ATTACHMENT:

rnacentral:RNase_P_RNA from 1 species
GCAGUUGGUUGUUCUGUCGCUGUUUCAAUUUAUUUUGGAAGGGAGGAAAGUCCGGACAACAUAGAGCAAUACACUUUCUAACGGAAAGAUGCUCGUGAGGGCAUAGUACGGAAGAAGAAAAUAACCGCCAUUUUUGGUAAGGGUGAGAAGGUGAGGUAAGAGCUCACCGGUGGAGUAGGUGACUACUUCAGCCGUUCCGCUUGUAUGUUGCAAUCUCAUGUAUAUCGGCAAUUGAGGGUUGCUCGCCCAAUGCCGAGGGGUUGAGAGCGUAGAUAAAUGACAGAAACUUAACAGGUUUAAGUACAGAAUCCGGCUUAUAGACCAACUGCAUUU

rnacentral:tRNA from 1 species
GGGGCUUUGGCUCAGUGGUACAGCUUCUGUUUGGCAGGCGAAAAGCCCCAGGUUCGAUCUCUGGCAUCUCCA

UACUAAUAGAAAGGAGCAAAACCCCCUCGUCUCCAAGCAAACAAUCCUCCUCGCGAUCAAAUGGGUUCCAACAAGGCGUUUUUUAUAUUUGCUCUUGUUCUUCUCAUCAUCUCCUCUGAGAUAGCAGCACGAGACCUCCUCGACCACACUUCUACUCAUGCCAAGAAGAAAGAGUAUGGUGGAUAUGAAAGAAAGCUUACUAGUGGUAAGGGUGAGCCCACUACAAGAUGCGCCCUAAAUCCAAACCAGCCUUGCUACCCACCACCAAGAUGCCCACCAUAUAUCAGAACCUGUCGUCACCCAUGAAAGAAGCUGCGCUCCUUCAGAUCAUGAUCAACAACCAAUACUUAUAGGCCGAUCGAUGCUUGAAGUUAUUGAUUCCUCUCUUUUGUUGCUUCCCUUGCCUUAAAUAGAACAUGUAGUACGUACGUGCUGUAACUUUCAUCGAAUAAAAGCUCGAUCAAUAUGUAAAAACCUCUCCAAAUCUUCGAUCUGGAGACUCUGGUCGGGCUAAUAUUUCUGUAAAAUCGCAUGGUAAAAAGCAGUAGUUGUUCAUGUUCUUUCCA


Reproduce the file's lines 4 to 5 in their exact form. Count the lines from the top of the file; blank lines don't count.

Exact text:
GGGGCUUUGGCUCAGUGGUACAGCUUCUGUUUGGCAGGCGAAAAGCCCCAGGUUCGAUCUCUGGCAUCUCCA

UACUAAUAGAAAGGAGCAAAACCCCCUCGUCUCCAAGCAAACAAUCCUCCUCGCGAUCAAAUGGGUUCCAACAAGGCGUUUUUUAUAUUUGCUCUUGUUCUUCUCAUCAUCUCCUCUGAGAUAGCAGCACGAGACCUCCUCGACCACACUUCUACUCAUGCCAAGAAGAAAGAGUAUGGUGGAUAUGAAAGAAAGCUUACUAGUGGUAAGGGUGAGCCCACUACAAGAUGCGCCCUAAAUCCAAACCAGCCUUGCUACCCACCACCAAGAUGCCCACCAUAUAUCAGAACCUGUCGUCACCCAUGAAAGAAGCUGCGCUCCUUCAGAUCAUGAUCAACAACCAAUACUUAUAGGCCGAUCGAUGCUUGAAGUUAUUGAUUCCUCUCUUUUGUUGCUUCCCUUGCCUUAAAUAGAACAUGUAGUACGUACGUGCUGUAACUUUCAUCGAAUAAAAGCUCGAUCAAUAUGUAAAAACCUCUCCAAAUCUUCGAUCUGGAGACUCUGGUCGGGCUAAUAUUUCUGUAAAAUCGCAUGGUAAAAAGCAGUAGUUGUUCAUGUUCUUUCCA